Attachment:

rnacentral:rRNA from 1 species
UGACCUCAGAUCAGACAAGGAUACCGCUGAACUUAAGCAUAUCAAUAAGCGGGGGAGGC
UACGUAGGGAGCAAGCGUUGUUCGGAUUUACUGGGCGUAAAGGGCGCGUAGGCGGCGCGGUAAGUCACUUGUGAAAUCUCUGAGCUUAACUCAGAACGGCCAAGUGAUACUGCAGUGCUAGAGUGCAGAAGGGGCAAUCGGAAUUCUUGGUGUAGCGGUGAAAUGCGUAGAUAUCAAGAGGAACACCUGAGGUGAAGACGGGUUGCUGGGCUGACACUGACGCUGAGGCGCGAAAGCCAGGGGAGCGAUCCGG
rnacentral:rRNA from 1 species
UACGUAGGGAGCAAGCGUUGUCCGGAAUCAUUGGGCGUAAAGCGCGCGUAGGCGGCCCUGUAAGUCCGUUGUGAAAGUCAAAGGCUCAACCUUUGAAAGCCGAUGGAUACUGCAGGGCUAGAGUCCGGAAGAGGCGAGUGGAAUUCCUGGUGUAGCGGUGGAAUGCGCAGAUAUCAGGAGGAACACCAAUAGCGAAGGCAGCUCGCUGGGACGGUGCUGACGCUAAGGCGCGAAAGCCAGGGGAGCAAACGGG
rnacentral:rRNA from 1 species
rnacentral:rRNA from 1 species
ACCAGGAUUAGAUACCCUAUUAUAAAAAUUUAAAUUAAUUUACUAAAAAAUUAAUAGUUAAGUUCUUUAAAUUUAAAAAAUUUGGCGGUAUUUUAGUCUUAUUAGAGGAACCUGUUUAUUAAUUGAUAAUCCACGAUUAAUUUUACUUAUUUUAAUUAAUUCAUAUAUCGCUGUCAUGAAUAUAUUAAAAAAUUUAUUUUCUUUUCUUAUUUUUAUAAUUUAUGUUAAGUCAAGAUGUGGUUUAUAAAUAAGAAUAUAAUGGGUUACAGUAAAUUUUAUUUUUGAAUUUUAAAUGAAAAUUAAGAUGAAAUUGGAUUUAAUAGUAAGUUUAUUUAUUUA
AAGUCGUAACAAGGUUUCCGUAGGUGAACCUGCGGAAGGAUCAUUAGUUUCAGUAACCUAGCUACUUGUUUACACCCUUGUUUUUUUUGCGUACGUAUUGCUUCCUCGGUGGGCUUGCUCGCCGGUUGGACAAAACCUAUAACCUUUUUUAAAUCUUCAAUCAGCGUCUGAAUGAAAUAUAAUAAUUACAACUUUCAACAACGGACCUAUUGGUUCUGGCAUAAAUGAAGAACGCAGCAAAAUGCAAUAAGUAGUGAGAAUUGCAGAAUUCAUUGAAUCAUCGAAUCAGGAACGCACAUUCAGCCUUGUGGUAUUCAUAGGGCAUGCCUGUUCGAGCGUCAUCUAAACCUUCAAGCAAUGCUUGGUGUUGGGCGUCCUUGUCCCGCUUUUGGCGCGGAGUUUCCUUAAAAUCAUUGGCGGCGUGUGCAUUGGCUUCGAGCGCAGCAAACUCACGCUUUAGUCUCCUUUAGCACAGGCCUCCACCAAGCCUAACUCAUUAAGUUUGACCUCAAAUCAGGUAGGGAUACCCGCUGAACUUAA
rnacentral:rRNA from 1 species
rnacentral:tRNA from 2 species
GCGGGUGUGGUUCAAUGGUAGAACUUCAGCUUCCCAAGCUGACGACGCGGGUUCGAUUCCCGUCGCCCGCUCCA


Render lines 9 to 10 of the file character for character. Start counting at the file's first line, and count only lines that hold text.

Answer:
AAGUCGUAACAAGGUUUCCGUAGGUGAACCUGCGGAAGGAUCAUUAGUUUCAGUAACCUAGCUACUUGUUUACACCCUUGUUUUUUUUGCGUACGUAUUGCUUCCUCGGUGGGCUUGCUCGCCGGUUGGACAAAACCUAUAACCUUUUUUAAAUCUUCAAUCAGCGUCUGAAUGAAAUAUAAUAAUUACAACUUUCAACAACGGACCUAUUGGUUCUGGCAUAAAUGAAGAACGCAGCAAAAUGCAAUAAGUAGUGAGAAUUGCAGAAUUCAUUGAAUCAUCGAAUCAGGAACGCACAUUCAGCCUUGUGGUAUUCAUAGGGCAUGCCUGUUCGAGCGUCAUCUAAACCUUCAAGCAAUGCUUGGUGUUGGGCGUCCUUGUCCCGCUUUUGGCGCGGAGUUUCCUUAAAAUCAUUGGCGGCGUGUGCAUUGGCUUCGAGCGCAGCAAACUCACGCUUUAGUCUCCUUUAGCACAGGCCUCCACCAAGCCUAACUCAUUAAGUUUGACCUCAAAUCAGGUAGGGAUACCCGCUGAACUUAA
rnacentral:rRNA from 1 species